Offseason In Review: San Francisco Giants

The Giants traded for a pair of starting outfielders and spent their free agent money on left-handed relievers.

Major League Signings

Notable Minor League Signings


Trades and Claims

Notable Losses

The Giants' pitching staff held strong in 2011, but their offense plummeted to a National League-worst 3.52 runs scored per game.  Brian Sabean, baseball's longest-tenured GM, attacked the problem by acquiring Cabrera and Pagan via trade.


Jonathan Sanchez was once considered an excellent trade chip, but after an injury and walk-filled 2011, Cabrera (pictured) was probably the best hitter Sabean could get for him.  The Giants' rotation won't miss a beat with the loss.  Sabean might have bought high on Cabrera, who hit .305/.339/.470 in 706 plate appearances for the Royals last year.  But for an offense-starved team like the Giants, Cabrera might end up batting third.  Melky doesn't have the speed to play an above-average center field.  He'll be well-served by a move to left field — Giants vice president of baseball operations Bobby Evans told MLBTR he thinks Cabrera will be one of the league's best defenders at the position.

Sabean then traded for the Mets' Pagan, at the expense of Torres and Ramirez.  Pagan and Torres were both valuable outfielders in 2010 who slipped offensively and defensively in '11.  Did the Giants bet on the right horse, especially given that they had to throw in Ramirez to get Torres, lost a year of control with Pagan, and will pay Pagan $2.15MM more in 2012?  Pagan is three and a half years younger and has a longer track record as an above-average hitter, so it seems the Giants made the right call.  The market didn't offer Sabean much in the way of alternatives — Coco Crisp isn't notably better, and other trade targets seemed to have excessive prices.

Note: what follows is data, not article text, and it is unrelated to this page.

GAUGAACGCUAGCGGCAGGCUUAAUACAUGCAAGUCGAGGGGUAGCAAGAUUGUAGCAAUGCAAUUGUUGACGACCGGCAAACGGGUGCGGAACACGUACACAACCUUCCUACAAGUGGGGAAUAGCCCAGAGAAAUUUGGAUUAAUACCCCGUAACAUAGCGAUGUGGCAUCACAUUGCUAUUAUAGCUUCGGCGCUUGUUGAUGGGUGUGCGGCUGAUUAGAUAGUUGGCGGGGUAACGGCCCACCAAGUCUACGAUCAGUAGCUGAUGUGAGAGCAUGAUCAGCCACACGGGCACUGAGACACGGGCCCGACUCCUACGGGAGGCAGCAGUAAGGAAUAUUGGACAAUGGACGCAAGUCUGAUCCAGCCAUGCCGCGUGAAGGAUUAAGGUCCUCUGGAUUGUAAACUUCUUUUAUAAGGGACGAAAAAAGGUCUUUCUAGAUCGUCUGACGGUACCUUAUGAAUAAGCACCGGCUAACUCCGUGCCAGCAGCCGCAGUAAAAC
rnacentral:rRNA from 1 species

The Giants had an excellent bullpen in 2011, and Sabean chose to keep it intact aside from trading Ramirez.  Mota was a bargain to retain, but the Giants had to pay full sticker price to keep lefties Lopez and Affeldt.  Lopez, 34, was lightly-regarded two years ago when the Pirates signed him for $775K.  Since then he's gotten the job done with a 2.52 ERA and huge groundball rates over 110 2/3 innings.  He's still best-employed as a lefty specialist, however, and giving him $4.25MM a year was uninspired.  Around the same time the Giants faced a similar decision for Affeldt, whose option had a $4.5MM net price.  Affeldt is similar to Lopez, and the Giants chose to pay full price for both.  Evans told MLBTR it was a matter of depth, with the expectation of having to trade one reliever (ultimately Ramirez) and injury question marks for Brian Wilson and Dan Runzler.

Brandon Crawford will be the Giants' starting shortstop, with Ryan Theriot and perhaps Joaquin Arias pitching in.  Jose Reyes, Jimmy Rollins, Clint Barmes, Rafael Furcal, and Jed Lowrie were available this winter, but the Giants chose not to upgrade.  Evans told MLBTR the Giants explored the market but didn't get heavy, as they entered the offseason hoping Crawford would be their guy.  Both middle infield spots may continue to be offensive black holes, if Freddy Sanchez misses significant time due to injury again.